Igreja da Madre de Deus

Igreja da Madre de Deus


The Igreja da Madre de Deus is an integral part of the former convent with the same name, which today houses the National Tile Museum.

The convent was founded by the queen Dona Leonor, the sister of Dom Manuel I and the wife of Dom João II. The church follows the 16th-century Mannerist style, although its decoration, consisting of a harmonious combination of carved and gilded wood, azulejos and paintings, is clearly baroque.

The church’s decorative tiles were made in Holland and placed on the walls in 1698. On the left is a panel depicting “Jehovah calling Moses”, by Willem Van der Koet, while on the right is a panel by Jan Van Oort, with a rustic and courtly scene, notable for the great rigour of its drawing. At the bottom is a panel of azulejos with putti and satyrs, produced by Portuguese tile makers.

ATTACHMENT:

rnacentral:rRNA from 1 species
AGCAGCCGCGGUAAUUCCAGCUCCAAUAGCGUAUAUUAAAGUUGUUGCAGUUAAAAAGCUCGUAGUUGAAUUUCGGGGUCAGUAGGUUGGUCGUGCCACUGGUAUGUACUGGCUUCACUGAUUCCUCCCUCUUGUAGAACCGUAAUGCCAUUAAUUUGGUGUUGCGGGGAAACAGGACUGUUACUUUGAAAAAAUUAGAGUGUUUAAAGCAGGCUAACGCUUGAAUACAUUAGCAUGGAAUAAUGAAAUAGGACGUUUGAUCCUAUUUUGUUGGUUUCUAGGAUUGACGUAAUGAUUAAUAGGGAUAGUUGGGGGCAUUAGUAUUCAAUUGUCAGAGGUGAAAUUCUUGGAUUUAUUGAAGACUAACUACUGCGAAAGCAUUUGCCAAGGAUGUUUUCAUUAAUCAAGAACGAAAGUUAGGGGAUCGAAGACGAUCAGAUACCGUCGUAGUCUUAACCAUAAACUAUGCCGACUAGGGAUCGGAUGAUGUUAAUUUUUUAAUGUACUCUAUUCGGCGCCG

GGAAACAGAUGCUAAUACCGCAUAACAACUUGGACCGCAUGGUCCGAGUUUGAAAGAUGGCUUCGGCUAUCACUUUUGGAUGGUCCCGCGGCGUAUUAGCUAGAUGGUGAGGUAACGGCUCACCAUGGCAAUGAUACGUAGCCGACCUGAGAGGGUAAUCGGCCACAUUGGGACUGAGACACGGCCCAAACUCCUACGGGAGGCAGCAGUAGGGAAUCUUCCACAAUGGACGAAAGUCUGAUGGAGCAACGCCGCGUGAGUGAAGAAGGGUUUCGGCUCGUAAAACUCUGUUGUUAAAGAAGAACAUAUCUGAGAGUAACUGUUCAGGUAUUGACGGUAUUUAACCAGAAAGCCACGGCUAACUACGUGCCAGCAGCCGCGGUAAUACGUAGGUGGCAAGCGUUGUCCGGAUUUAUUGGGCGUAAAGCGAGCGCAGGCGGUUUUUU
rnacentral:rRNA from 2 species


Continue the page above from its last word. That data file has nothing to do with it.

In the Chapter House, various patterned compositions can be seen, formed from green chequered and Cuenca azulejos, as well as an important altarpiece of carved and gilded wood.

In the ante-choir, attention is drawn to the panels of the 18th-century Capela de Santo António, and the convent’s former crib designed by António Ferreira. In the upper choir, where the nuns sat to attend mass in their own discreet fashion, the baroque decoration is quite remarkable, with attention being drawn in particular to the choir stalls, the reliquaries, the carved and gilded woodwork, the azulejos lining the walls and the portraits of Dom João III and his wife Catherine of Austria.

Rua da Madre de Deus, nº 4-B  1900-312 Lisboa
+351 218 149 617

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